Fred Williams' Snowmachine Tips To Keep You Alive

 In 1996, Fred Wrote The Following Tips For People Of The Copper Valley, As Deadly Cold Weather Blanketed The Region For Weeks  Fred William...

 In 1996, Fred Wrote The Following Tips For People Of The Copper Valley, As Deadly Cold Weather Blanketed The Region For Weeks 

Fred Williams, who died recently, was a strong proponent of outdoor safety. In January, 1996, when 50 degree below zero weather plagued the Copper Valley for many weeks, he wrote the following and sent it to the Copper River Country Journal for publication. 
At that time, the Country Journal was mailed twice a month to every person in the Copper Valley. Snowmachines were capable of going farther than they ever had, and many people – local and outsiders – were getting into serious trouble on Copper Valley trails. 
Here are Fred's suggestions of how to stay alive:
“If possible, always travel with at least one other snowmachine and driver. It's nice to have someone to help push. Avoid the lemming phenomenon. When traveling closely and at high speeds it is very easy for the entire party to end up in the overflow or a crevasse.
“Carry matches and lighters in several places on your person and the machine. Pack a fire starter aid, such as a mixture of sawdust and diesel fuel, in a tight container. There are also several commercial products that are supposed to make fire starting a snap.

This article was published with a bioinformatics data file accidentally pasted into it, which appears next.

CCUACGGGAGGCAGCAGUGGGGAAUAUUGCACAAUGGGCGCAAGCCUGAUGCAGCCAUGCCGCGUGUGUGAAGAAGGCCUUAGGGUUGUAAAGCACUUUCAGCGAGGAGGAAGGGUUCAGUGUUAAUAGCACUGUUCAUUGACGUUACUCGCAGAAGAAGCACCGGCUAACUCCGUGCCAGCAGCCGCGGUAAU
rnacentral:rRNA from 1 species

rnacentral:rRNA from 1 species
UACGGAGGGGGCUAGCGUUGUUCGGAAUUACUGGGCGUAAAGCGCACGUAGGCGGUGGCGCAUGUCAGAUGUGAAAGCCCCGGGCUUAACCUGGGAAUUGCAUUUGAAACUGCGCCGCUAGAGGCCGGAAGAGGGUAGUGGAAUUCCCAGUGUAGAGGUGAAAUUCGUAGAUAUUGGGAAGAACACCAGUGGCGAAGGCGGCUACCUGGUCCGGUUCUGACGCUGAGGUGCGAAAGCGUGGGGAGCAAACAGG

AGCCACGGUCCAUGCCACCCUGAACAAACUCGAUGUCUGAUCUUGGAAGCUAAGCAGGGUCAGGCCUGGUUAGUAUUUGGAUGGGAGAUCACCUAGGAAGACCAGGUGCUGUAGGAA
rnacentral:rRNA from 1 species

“Take along a survival reflector blanket. They take up very little space and are very useful for retaining body heat. You can survive for many days without food, but water is essential. Snow is not considered the ideal source of water, but will help out in a pinch. It is better to carry a plastic container or thermos of water. Coffee and tea are fine, but hot chocolate, bouillon or soup will do a lot more for you.
“A small roll of stovepipe wire and electrician tape takes up little room and can be handy. Take rope – lots of rope. The uses of rope are innumerable.
‘If you go off on another trail or direction, let someone in your party know. Keep in sight of other members of your party if possible. If you get lost or confused, admit it. Stop and think over your situation. Sometimes it is better to build a fire and  siwash [camp without a tent] overnight rather than look for the trail home in the dark. If your machine breaks down, it is usually better to stay with it, unless you have a ride or shuttle is very close. 
"If you walk away from your machine, leave a note or some indication of the direction you are headed. A long stick, propped over crossed sticks, will work...”
-By Fred Williams, Copper River Basin Search & Rescue, January 1996
As printed in the Copper River Country Journal



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